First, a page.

proclamation, in which he refers to the " tragical out-
rages and barberous murders" at Oyster River and
Groton. He says that several of the prisoners taken
at these places "are now detained by the said Indians
at Amarascoggin and other adjoining places."

Hezekiah Miles, alias Hector, a friendly Indian, at
one time a captive in the enemy's hands; made a
deposition before the Lieutenant-Governor and Coun-
cil, at Boston, May 31, 1695, which gives some details
of the preparation for the attack ; and Ann Jenkins,
in a deposition on June 11, 1695, adds other particu-
lars. These papers may be found among the Massa-
chusetts Archives (VIII. 39, 40).


The story of William and Deliverance Longley's
family is a sad one to relate. They were living, with
their eight children, on a small farm, perhaps a mile
and a quarter from the village, on the east side of the
Hollis road. Their house was built of hewn logs, and
was standing at the beginning of the present century.
The old cellar, with its w^ell-laid walls, w^as distinctly
visible forty years ago, and traces of it could be seen
even to very modern times. The site of this house
has recently been marked by a monument bearing the
following inscription : —




On THE 27th of July 1694





The monument was erected in the autumn of 1879,
at the expense of the town, on land generously given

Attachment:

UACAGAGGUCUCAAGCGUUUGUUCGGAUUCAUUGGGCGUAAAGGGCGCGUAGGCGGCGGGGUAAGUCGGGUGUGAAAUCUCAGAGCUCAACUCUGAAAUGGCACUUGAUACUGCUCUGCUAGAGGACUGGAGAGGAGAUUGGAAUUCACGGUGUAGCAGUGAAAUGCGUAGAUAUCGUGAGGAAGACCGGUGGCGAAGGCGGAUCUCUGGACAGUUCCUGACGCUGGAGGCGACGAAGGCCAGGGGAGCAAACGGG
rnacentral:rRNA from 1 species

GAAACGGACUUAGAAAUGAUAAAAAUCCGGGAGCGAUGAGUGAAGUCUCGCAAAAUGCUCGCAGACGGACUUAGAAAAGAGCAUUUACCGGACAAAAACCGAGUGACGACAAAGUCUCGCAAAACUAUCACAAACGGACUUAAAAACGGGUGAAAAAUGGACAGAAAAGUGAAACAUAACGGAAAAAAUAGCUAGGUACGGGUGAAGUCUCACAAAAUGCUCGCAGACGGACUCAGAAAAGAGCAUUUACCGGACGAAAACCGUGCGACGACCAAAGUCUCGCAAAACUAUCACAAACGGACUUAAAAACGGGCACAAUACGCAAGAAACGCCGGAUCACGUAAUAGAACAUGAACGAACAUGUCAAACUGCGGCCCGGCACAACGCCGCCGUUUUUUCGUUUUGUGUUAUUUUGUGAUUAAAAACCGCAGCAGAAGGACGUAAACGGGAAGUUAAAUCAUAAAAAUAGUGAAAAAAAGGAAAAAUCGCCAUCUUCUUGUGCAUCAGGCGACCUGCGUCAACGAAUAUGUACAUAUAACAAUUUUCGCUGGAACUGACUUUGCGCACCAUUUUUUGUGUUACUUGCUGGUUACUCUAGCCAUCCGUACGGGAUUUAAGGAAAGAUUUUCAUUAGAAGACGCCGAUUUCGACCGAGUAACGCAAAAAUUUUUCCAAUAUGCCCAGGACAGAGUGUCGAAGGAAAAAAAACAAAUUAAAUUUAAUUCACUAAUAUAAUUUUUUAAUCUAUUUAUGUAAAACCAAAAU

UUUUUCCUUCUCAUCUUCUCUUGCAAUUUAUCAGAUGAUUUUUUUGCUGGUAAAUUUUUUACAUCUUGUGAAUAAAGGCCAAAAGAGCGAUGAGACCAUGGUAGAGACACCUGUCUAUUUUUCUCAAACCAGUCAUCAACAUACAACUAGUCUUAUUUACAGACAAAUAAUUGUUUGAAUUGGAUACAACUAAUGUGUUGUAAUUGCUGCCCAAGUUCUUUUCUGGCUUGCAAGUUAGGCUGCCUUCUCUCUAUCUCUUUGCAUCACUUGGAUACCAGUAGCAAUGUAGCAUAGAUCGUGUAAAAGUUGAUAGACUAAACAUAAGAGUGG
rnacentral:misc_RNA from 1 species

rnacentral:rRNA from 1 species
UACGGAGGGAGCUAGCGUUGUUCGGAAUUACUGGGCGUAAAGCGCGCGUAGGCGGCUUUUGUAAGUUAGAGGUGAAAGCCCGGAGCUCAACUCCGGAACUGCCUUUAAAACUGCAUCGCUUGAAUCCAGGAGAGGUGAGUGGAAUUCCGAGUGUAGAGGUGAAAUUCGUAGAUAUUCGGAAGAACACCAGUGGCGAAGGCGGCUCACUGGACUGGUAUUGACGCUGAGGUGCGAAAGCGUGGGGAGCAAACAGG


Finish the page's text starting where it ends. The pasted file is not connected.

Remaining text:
for the purpose by Mr. Zechariah Fitch, the present
owner of the farm ; and it was dedicated with appro-
priate exercises on February 20, 1880.

On the fatal morning of July 27, 1694, the massa-
cre of this family took place. The savages appeared
suddenly, coming from the other side of the Merri-
mack Kiver, and began the attack at Lieutenant
William Lakin's house, where ^hey were repulsed
with the loss of one of their number. They followed
it up by assaulting other houses in the same neigh-


borhood. They made quick work of it, and left the
town as speedily as they came. With the exception
of John Shepley's house, it is not known that they
destroyed any of the buildings ; but they pillaged
them before they departed. They carried oflf thirteen
prisoners, mostly children, — and perhaps all, — who
must have retarded their march. There is a tradition
that, early in the morning of the attack, the Indians
turned Longley's cattle out of the barnyard into the
cornfield and then lay in ambush. The stratagem
had the desired effect. Longley rushed out of the
house unarmed, in order to drive the cattle back,
when he was murdered and all his family either killed
or captured. The bodies of the slain were buried in
one grave, a few rods northwest of the house. A
small apple-tree growing over the spot and a stone
lying even with the ground, for many years furnished
the only clue to the final resting-place of this unfor-
tunate family, but these have now disappeared.

William Longley was town clerk in the year 1687,
and also from 1692 till his death, in 1694 ; and only

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Online LibrarySamuel A. (Samuel Abbott) GreenAn historical sketch of Groton, Massachusetts. 1655-1890 → online text (page 3 of 19)